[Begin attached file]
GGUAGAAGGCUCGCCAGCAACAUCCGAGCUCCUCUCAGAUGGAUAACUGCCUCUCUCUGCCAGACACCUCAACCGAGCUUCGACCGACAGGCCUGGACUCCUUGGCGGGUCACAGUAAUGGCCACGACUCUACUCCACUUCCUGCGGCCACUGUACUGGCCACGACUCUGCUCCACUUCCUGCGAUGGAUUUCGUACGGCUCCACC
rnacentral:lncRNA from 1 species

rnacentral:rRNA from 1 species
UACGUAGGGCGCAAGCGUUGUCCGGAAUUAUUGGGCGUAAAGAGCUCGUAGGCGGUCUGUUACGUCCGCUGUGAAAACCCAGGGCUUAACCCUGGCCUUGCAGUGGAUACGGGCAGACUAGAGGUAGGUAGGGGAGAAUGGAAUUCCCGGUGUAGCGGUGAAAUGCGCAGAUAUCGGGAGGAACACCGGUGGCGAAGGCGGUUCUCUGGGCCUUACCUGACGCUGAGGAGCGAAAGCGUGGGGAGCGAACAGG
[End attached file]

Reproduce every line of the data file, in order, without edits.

GGUAGAAGGCUCGCCAGCAACAUCCGAGCUCCUCUCAGAUGGAUAACUGCCUCUCUCUGCCAGACACCUCAACCGAGCUUCGACCGACAGGCCUGGACUCCUUGGCGGGUCACAGUAAUGGCCACGACUCUACUCCACUUCCUGCGGCCACUGUACUGGCCACGACUCUGCUCCACUUCCUGCGAUGGAUUUCGUACGGCUCCACC
rnacentral:lncRNA from 1 species

rnacentral:rRNA from 1 species
UACGUAGGGCGCAAGCGUUGUCCGGAAUUAUUGGGCGUAAAGAGCUCGUAGGCGGUCUGUUACGUCCGCUGUGAAAACCCAGGGCUUAACCCUGGCCUUGCAGUGGAUACGGGCAGACUAGAGGUAGGUAGGGGAGAAUGGAAUUCCCGGUGUAGCGGUGAAAUGCGCAGAUAUCGGGAGGAACACCGGUGGCGAAGGCGGUUCUCUGGGCCUUACCUGACGCUGAGGAGCGAAAGCGUGGGGAGCGAACAGG